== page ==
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Actor Quaid Attacks Federal Protections for Big Pharma

Posted by Jane Akre
Wednesday, May 14, 2008 2:05 PM EST
Category: On The Road
Tags: Heparin, Preemption, Medical Errors, Vioxx, Defective Drugs, Trasylol, Avandia, Drug Products, Medical Malpractice, Product Liability

Dennis Quaid told lawmakers that citizens should not lose their ability to sue because the FDA cannot assure safety of all drugs and medical devices.



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Sometimes it takes a celebrity to bring an issue to the American conscience.

Actor Dennis Quaid talked to lawmakers today about medical errors that almost cost his newborn twins’ lives last year.

With medical errors at an all-time high, an average of one per patient per day that lead to 100,000 deaths a year, Quaid warned lawmakers not to remove the courts as a remedy.

“Like many Americans, I believed that a big problem in our country was frivolous lawsuits. But now I know that the courts are often the only path to justice for families that are harmed by the pharmaceutical industry and medical errors.”

Quaid and his wife Kimberly Buffington are suing Baxter Healthcare Corporation for not pulling vials of the drug in question Heparin, while it was fixing problems with labeling that had already led to the 2006 deaths of other three other infants.   

Baxter tried to throw out the Quaid lawsuit under something called “Federal Preemption”.

That is favored by the Bush administration and offers blanket immunity to drug and device makers citing approval by the Food and Drug Administration (FDA). Preemption is favored by the drug industry and device makers to avoid the cost of lawsuits.

Quaid, among others is telling the House Oversight Committee that just because a drug has been approved by the FDA doesn’t mean it’s safe.

Quaid told lawmakers "Their now water-thin blood was flowing out of every place that they had been poked and prodded," he said. "They faced the very real possibility of hemorrhaging through a vein or artery, causing massive brain damage or failure of one of their vital organs ... They were both screaming in pain, and God only knows what they were feeling."

The twins have since fully recovered.

Are FDA approved drugs always safe? A former FDA Commissioner should know.  David Kessler was commissioner from 1990 to 1997, and even he told lawmakers that FDA approval shouldn’t bar lawsuits because the agency does not have enough resources to eliminate all risk.

“Even if the FDA’s funding were doubled or tripled, its resources and abilities to detect emerging risks on the thousands of marketed drugs and devices would still be dwarfed” by the resources of the drug companies, he said today in a prepared statement.

Last November, the hospitalized twins, Thomas and Zoe, were given a dose 1,000 times higher than recommended because the low dose and high dose vials have similar blue labels. Since then Baxter has changed the labeling.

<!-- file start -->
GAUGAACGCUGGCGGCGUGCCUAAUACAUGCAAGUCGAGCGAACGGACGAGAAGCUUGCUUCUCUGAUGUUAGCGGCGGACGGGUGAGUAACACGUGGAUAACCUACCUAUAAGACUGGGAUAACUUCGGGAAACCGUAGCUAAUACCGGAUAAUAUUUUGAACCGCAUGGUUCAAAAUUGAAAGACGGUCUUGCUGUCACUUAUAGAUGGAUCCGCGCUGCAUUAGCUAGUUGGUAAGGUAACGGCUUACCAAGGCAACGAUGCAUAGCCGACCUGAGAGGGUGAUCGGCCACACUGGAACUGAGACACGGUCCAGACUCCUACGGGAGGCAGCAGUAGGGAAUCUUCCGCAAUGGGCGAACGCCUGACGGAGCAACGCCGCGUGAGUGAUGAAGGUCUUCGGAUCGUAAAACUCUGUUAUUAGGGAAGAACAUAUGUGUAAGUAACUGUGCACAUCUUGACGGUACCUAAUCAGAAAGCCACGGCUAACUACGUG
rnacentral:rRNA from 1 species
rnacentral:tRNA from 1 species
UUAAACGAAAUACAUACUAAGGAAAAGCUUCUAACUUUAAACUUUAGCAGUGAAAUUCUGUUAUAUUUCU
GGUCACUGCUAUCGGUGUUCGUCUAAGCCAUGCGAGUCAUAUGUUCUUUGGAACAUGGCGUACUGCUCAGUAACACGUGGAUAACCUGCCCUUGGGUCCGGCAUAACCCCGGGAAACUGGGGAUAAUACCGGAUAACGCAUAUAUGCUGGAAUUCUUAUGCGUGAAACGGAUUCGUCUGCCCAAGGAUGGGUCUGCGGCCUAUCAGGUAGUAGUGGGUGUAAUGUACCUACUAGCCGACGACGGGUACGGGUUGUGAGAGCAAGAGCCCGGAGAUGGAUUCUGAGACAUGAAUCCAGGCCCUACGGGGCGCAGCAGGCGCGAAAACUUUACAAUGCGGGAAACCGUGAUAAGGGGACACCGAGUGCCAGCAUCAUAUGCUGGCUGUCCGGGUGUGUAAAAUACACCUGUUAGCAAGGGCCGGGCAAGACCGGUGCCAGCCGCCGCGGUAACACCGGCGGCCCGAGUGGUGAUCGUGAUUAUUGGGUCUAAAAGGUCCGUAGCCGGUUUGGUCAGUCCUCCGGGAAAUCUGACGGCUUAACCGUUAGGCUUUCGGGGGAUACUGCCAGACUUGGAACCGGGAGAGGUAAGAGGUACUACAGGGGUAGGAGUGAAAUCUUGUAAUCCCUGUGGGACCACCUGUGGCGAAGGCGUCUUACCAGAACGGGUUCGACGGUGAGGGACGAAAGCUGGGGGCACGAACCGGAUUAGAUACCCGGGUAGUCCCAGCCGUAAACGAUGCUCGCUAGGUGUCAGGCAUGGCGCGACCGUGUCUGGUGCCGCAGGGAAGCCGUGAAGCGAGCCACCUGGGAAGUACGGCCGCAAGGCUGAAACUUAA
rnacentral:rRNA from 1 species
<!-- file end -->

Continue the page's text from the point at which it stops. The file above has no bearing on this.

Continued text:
Some hospitals are changing their medication dispensing system, putting a bar code on the patient’s wrist band and the drugs and ensuring they match before dispensing.

That move alone might have saved the twins from the massive bleed-out in the hospital which the Quaids only discovered upon a visit one morning to their shock.

Healthgrades says the Quaids are not alone. The independent company that rates health care and facilities reports that between 2005 and 2005,  247,662 patients died from potentially preventable problems.   And the Institute of Medicine estimates that 1.5 million patients suffer medications mistakes.

People can sue under state law for mistakes and medical malpractice.  But the Bush administration, at the urging of pharmaceutical companies and medical device manufacturers, says the states have no right to fault a company.

This hearing before the Committee on Oversight and Government Reform is directed at that question, entitled, “Should FDA Drug and Medical Device Regulation Bar State Liability Claims?” 

The editor of the New England Journal of Medicine says consider the recent record of the FDA, it’s far from stellar.   

  •  Vioxx - used to treat arthritis. The FDA approved the drug in 1998 but it was later linked to an increase in heart attacks and stroke. In 2004 it was pulled from the market.
  • Avandia- approved by the FDA in 1999 for treating Type 2 diabetes and later for controlling bleeding during heart surgery.  Even though it’s been associated with an increased risk for heart problems, it remains on the market.
  • The makers of Trasylol would like to return their drug to the market. A trial on the drug had to be halted in Canada for ethical reasons after many patients died of heart attacks, stroke, kidney failure and death.

60 Minutes recently profiled a patient who was given Trasylol during heart surgery, only to die eight months later after a series of organ failures. In 2006, drug maker Bayer, allegedly withheld vital internal information on higher mortality results from an FDA panel reviewing the drug’s safety.  (Correction: Bayer makes Trasylol not Merck).

One panel member said he would have liked to have that information.

The New England Journal of Medicine Editor Gregory Curfman illustrated his prepared statement to lawmakers with these drug examples saying, “preemption of common-law tort actions against drug and medical device companies is ill-advised and will result in less safe medical products for the American people.”

Henry Waxman, D-CA, the House Government Reform and Oversight Committee Chair said in an opening statement, about preemption, it would take away “one of the most powerful incentives for safety – the threat of liability.”  #

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